For those of you who missed this informative two-part documentary that aired on BBC 2 several weeks ago, watch the full documentary below.
Profit and Loss – First of a two-part documentary. Part 1 – Historian David Olusoga explores the archive records of Britain’s 46,000 slave owners and discovers a surprising range of people who owned slaves, including clergymen and shopkeepers. The compensation records reveal how the government of the day paid £17billion in today’s money to slave owners following abolition of slavery in 1834, while the 800,000 registered slaves received nothing. David also visits Barbados and traces how Britain’s slave economy emerged in the 17th century, and in Jamaica he reads from the diaries of a notorious slave owner.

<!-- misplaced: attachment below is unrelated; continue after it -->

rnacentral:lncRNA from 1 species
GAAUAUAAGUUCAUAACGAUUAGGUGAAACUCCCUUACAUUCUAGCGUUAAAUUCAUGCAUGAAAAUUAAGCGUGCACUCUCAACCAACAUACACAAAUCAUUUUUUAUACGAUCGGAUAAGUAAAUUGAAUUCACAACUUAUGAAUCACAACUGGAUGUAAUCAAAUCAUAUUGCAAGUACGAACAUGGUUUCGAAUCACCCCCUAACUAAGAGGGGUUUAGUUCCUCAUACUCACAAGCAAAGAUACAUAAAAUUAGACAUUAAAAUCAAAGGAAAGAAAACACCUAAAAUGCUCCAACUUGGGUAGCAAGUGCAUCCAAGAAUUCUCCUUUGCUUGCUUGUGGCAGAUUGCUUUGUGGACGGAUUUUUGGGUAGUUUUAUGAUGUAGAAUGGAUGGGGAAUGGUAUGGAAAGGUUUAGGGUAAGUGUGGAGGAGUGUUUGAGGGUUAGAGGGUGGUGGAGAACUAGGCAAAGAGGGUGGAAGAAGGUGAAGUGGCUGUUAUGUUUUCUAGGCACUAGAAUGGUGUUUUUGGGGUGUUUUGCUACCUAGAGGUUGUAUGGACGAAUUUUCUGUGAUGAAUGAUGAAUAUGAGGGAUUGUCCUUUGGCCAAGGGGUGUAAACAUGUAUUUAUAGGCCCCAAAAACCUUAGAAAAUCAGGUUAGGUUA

Part 2 – David looks at how in 1834 the government came to the extraordinary decision to compensate the slave owners with the equivalent of £17bn in today’s money.
The breakdown of the evil that went on is mind-blowing and the way Britain continues to sweep their skullduggery under the carpet is infuriating.
The other day I was thinking about the opening ceremony at the London 2012 Olympics. This part of Britain’s history should have been included during that walk down memory lane.
Visit the Legacies of British Slave-ownership website.
I wish we in the US had even a snowball’s chance of reparations. It seems we’ll all be dead at the hands of the police first. If you mention that slavery even happened here at all you’re cut down quickly. White America was scared to death that President Obama’s election might mean reparations.